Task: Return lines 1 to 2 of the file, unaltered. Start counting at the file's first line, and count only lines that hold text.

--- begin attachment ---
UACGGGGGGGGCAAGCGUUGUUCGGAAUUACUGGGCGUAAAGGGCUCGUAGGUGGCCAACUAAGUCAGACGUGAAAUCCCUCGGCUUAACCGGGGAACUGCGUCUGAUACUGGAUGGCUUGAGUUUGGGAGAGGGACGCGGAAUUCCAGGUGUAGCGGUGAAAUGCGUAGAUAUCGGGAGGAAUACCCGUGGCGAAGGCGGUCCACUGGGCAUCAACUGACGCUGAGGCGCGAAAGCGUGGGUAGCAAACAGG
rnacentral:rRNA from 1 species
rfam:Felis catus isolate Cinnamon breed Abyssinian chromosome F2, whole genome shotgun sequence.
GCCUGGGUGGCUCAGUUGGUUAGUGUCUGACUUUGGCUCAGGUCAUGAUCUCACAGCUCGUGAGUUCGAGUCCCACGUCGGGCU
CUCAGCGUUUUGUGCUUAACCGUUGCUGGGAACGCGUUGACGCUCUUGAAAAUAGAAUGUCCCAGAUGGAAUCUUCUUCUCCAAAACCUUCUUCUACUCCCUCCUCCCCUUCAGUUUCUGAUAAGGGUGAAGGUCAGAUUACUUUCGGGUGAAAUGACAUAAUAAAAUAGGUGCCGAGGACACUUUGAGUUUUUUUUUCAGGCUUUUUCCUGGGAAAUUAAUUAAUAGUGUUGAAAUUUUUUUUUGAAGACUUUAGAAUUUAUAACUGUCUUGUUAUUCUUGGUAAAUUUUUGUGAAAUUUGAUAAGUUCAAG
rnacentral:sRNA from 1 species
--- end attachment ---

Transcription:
UACGGGGGGGGCAAGCGUUGUUCGGAAUUACUGGGCGUAAAGGGCUCGUAGGUGGCCAACUAAGUCAGACGUGAAAUCCCUCGGCUUAACCGGGGAACUGCGUCUGAUACUGGAUGGCUUGAGUUUGGGAGAGGGACGCGGAAUUCCAGGUGUAGCGGUGAAAUGCGUAGAUAUCGGGAGGAAUACCCGUGGCGAAGGCGGUCCACUGGGCAUCAACUGACGCUGAGGCGCGAAAGCGUGGGUAGCAAACAGG
rnacentral:rRNA from 1 species